A natural bond sprouts into a growing friendship for The Benevolent Society program

New heights of friendship: Dominic Kumar, 14, and Rose Van Der Sloot, 73, formed a friendship through The Benevolent Society. Picture: Chris Lane
New heights of friendship: Dominic Kumar, 14, and Rose Van Der Sloot, 73, formed a friendship through The Benevolent Society. Picture: Chris Lane

An unlikely friendship between a woman, 73, and a teenage boy, 14, has developed all in the humble home of a beachside residence at Kurnell.

The match is the result of a program run by The Benevolent Society called Grandparent Connection.

It a mentorship program that pairs older Australians with teens in order for the two parties to learn and connect with each other in a way that's meaningful and to the benefit of them both.

Rose Van Der Sloot cares for her husband who has dementia. She decided to join the program to form similar ties with others.

"I love to help others - particularly those who are also carers," she said. "I believe in the potential of young people."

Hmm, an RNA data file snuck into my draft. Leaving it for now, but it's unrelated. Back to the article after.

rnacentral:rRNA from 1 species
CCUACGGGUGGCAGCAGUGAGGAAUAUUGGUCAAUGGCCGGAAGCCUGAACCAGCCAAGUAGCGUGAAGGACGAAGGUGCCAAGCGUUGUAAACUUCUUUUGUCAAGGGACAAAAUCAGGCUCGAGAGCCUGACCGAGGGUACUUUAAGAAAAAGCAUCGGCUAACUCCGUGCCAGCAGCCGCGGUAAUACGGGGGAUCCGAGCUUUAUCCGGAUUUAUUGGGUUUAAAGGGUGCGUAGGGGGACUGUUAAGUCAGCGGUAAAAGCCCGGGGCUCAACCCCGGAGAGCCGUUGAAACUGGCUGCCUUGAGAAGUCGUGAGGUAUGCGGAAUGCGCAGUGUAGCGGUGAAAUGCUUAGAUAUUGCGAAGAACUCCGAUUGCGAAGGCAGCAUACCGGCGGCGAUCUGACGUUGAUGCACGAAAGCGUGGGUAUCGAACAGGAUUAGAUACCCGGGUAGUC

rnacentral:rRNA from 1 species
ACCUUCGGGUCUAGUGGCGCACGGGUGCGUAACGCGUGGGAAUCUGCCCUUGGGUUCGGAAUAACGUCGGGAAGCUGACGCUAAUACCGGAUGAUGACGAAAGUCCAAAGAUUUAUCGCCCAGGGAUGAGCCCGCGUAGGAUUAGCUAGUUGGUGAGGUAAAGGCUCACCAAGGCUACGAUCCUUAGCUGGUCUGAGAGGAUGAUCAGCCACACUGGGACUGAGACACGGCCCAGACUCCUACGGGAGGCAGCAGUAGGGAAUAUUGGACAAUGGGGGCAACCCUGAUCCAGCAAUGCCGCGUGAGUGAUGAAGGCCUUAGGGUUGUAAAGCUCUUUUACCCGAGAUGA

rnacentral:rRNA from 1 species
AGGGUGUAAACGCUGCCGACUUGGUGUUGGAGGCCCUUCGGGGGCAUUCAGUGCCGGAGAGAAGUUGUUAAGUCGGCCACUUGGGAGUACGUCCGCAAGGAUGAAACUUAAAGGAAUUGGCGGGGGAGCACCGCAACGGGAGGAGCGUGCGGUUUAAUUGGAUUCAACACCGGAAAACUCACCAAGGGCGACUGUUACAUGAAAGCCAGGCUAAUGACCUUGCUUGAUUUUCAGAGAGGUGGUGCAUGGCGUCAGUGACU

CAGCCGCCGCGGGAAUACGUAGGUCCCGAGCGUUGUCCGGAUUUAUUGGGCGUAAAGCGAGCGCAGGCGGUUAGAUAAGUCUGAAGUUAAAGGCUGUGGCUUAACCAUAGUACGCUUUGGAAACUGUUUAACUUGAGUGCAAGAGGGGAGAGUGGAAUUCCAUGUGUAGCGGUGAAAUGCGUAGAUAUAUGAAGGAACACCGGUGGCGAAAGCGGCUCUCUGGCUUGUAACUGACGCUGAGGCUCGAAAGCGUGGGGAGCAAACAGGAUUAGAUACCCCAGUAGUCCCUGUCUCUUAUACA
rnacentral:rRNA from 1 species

Dominic Kumar helps to care for his brother who has special needs. He had a hunger for wisdom, as someone in a similar situation as his as a carer.

"While I do have regular contact with older people, I'd never developed a friendship with anyone of grandparent age, and that's why I joined the program," he said.

Together, they enjoy outings and mutual enjoyable activities. Even after the program ended for Mrs Van Der Sloot and Dominic, they have remained friends and still to this day spend time with each other's families.

Interestingly, Dominic and Mrs Van De Sloot are also the tallest and shortest participants of the program.

The Benevolent Society launched the program last year and there are plans for a second-round version of it to continue soon.

The Morrison government recently announced in its budget that carers would also receive an extra $84 million.

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